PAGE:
product adoption

Customer Adoption Can Feel Like Herding Cats

You defined the customer journey.  You onboard & train new users. You make support and knowledge resources available. And still, users don’t adopt your products in the timeframe and manner that you want.

To be great at driving adoption, we have to recognize that there’s no singular user journey.  Rather, there are many.  Get ready to herd some cats.

Back during the dot-com bubble, EDS made a funny TV commercial about herding cats.  Feel free to have a laugh.  We’ll wait.

But the analogy is apt.  Some users follow our lead and adopt our products as we expect.  They’re following the path we’ve designed as the customer journey.

However, many users will stray from that path at some point.  

Sensing the strays

The first step is to sense when a user begins to deviate from the ideal path.

To make it simple to detect when customers fall off the path, define some milestones that a user should hit:

First 7 days (from provisioning)

  • Features: which ones should be used by now?
  • Frequency: how frequently should a user engage with your product?

First 30 days

  • Features: which ones should be used by now?
  • Frequency: how frequently should a user engage with your product?

First 60 days

  • Features: which ones should be used by now?
  • Frequency: how frequently should a user engage with your product?

Sustained usage:

  • Features: which ones should be used regularly?
  • Frequency: how frequently should a user engage with your product?

Herding users with interventions

Now that you can sense when users fall off the path, you can trigger an intervention.  The intervention is designed to get the user back on the path that you know will lead to retention, loyalty, and growth.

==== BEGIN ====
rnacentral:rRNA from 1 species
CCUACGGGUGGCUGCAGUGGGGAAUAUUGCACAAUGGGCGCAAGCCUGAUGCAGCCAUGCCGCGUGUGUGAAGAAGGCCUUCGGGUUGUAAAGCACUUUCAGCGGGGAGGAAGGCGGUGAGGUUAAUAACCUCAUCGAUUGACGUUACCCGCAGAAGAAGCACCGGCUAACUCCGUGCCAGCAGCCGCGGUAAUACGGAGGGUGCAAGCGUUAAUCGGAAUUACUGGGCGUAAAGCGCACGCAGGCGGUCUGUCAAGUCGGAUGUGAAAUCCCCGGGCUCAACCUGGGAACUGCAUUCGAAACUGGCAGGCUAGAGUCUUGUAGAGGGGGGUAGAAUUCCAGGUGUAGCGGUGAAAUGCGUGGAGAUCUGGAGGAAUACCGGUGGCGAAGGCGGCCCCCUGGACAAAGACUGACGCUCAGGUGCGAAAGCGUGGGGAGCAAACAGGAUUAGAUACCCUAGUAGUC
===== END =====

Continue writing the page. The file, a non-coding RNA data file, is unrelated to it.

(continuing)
There are many interventions you can employ:

  • Email campaigns
  • 1:1 emails
  • Phone calls
  • Calls to key contacts
  • Office hours
  • Recorded training
  • Live group training
  • 1:1 training
  • Etc.

Which intervention is the right one?  

That’s up to you.  You’ll need to know which ones work best for your product and user base.  You’ll also need to know which types of users merit a team member’s personal involvement (for high-value customers) versus those who should be serviced through automation.

Tiering and segmentation can be useful tools to figure out which interventions make sense based on which tier a customer is in.  To learn more about tiering and segmentation best practices have a look at this collection of content.  

Users don’t follow your customer journey without your involvement. Sense when they stray and trigger interventions that bring them back on the path. You’ll be amazed at the effect in adoption and retention.

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Don MacLennan

Don is passionate about analytics and insights that lead to great products. He has held leadership roles in several subscription-based businesses, where he came to understand the importance of customer engagement and loyalty. He started Bluenose with the desire to help other vendors build great products and delight their customers.

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